- The Washington Times - Thursday, September 25, 2003

Turkish Cypriots vote

The foreign minister of the Turkish Republic of Northern Cyprus is confident of victory for the ruling party in the December elections, despite a united political opposition that favors a U.N.-sponsored settlement with the Greek-Cypriot part of the island.

Tahsin Ertugloglu dismissed suggestions that the “opposition will win and oust President [Rauf] Denktash, and we will accept the [U.N.] plan and be merrily on our way.”

Mr. Ertugloglu, on a D.C. visit this week, said the opposition is “hopeless” in its pursuit of a settlement, although some opinion polls predict the opposition will win 60 percent of the vote in the parliamentary elections. Mr. Denktash said he rejected the U.N. plan because it called for too many concessions on the part of Turkish Cypriots and refused to recognize the independence of the TRNC, which has diplomatic relations only with Turkey.

The three major opposition groups this month pledged to mount a united campaign against Mr. Denktash and his National Unity Party. They promised to remove Mr. Denktash as the chief Turkish-Cypriot negotiator and accept the U.N. plan, if they win.

The opposition said reunification would lead to a united Cyprus joining the European Union next year. The EU has decided to admit the Greek Cypriot authority, the internationally recognized government of Cyprus, even if the island remains divided.

Mr. Ertugloglu said the U.N. plan would require the TRNC to give up too much land and offered too few security guarantees to Turkish Cypriots, many of whom still remember the ethnic violence of the 1960s.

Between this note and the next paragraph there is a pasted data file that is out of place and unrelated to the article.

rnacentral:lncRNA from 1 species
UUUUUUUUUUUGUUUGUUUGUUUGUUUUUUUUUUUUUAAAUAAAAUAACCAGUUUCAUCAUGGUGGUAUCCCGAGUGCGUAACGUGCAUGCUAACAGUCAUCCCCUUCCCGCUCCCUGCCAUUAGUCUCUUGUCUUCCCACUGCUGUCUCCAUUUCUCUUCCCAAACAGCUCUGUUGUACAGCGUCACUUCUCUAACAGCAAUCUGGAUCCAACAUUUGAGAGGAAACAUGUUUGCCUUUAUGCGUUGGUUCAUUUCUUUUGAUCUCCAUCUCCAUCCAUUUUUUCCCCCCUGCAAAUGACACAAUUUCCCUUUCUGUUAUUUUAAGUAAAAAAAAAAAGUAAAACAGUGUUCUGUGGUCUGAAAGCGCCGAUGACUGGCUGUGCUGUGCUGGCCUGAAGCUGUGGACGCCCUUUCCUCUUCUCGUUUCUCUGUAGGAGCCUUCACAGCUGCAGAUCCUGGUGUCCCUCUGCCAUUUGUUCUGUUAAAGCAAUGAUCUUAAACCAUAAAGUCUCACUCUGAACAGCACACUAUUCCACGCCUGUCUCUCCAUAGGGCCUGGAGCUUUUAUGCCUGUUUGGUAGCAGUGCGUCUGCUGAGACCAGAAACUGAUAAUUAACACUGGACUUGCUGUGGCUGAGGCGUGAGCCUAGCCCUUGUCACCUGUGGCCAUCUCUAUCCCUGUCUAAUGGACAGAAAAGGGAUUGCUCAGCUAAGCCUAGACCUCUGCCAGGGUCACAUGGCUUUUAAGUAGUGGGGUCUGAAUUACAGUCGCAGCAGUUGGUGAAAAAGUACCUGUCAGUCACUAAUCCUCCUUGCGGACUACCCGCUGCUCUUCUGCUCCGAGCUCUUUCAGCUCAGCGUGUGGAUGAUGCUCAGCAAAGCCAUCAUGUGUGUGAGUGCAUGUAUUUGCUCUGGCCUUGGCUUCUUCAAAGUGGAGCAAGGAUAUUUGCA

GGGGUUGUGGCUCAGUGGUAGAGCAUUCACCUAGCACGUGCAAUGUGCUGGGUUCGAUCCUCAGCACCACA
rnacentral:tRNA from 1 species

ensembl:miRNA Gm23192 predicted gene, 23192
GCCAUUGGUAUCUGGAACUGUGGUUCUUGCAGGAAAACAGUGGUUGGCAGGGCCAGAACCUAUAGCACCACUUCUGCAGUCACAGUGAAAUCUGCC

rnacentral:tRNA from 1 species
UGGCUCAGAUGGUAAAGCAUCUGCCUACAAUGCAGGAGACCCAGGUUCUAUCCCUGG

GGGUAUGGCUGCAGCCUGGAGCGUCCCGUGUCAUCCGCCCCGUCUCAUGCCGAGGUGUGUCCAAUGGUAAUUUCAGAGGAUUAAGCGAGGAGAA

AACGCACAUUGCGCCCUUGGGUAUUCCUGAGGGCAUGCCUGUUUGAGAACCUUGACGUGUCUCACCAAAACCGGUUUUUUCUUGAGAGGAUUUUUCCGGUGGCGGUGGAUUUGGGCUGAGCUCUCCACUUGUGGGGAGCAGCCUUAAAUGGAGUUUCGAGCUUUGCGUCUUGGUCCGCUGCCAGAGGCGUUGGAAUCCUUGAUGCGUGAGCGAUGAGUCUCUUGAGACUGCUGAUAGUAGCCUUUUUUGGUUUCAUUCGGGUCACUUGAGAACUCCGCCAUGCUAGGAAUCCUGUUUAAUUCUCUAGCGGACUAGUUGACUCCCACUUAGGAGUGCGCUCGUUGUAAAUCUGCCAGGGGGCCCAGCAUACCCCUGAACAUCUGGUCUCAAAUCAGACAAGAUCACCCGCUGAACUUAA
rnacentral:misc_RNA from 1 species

“What the opposition fails to recognize is the characteristic of the Turkish Cypriot people,” Mr. Ertugloglu said. “They are not going to give up on their statehood.

“This is where [the opposition] is off track,” he added. “This is where they are hopeless.”

The three main opposition groups — the Republican Turkish Party, the Peace and Democracy Movement and the newly formed Solution and EU Party — said their “primary objective” is the establishment of a “United Cyprus Republic” and “realizing EU membership” by May.

‘Baseless’ rumors

Saudi Ambassador Prince Bandar bin Sultan yesterday denounced the “baseless and false” reports that his government demanded the expulsion of U.S. Ambassador Robert Jordan.

Mr. Jordan angered powerful members of the Saudi royal family by discussing Washington’s preference for a successor to the ailing King Fahd, according to reports from United Press International, the Middle East Newsline and the unofficial Saudi Information Agency. Embassy Row reported on the dispute in yesterday’s column.

Prince Bandar, however, called Mr. Jordan a friend.

“Ambassador Jordan has been one of the most distinguished U.S. ambassadors to serve in the kingdom [of Saudi Arabia],” Prince Bandar said in a statement. “He served at a critical time in our bilateral relations and contributed greatly to the relationship which binds our two nations. We are grateful for the contributions he has made.

“Ambassador Jordan made many friends in the kingdom and gained the respect of everyone who had the opportunity to work with him. I am proud to call him my friend, and I will continue to seek his wise counsel.”

Prince Bandar said Mr. Jordan is leaving his post after two years for “personal reasons” and “reports that the Saudi government asked for his removal are baseless and false.”

Mr. Jordan, a former personal attorney to President Bush, reportedly told guests at private dinner parties that Washington favored Crown Prince Abdullah bin Aziz to succeed the king.

Call Embassy Row at 202/636-3297, fax 202/832-7278 or e-mail [email protected]

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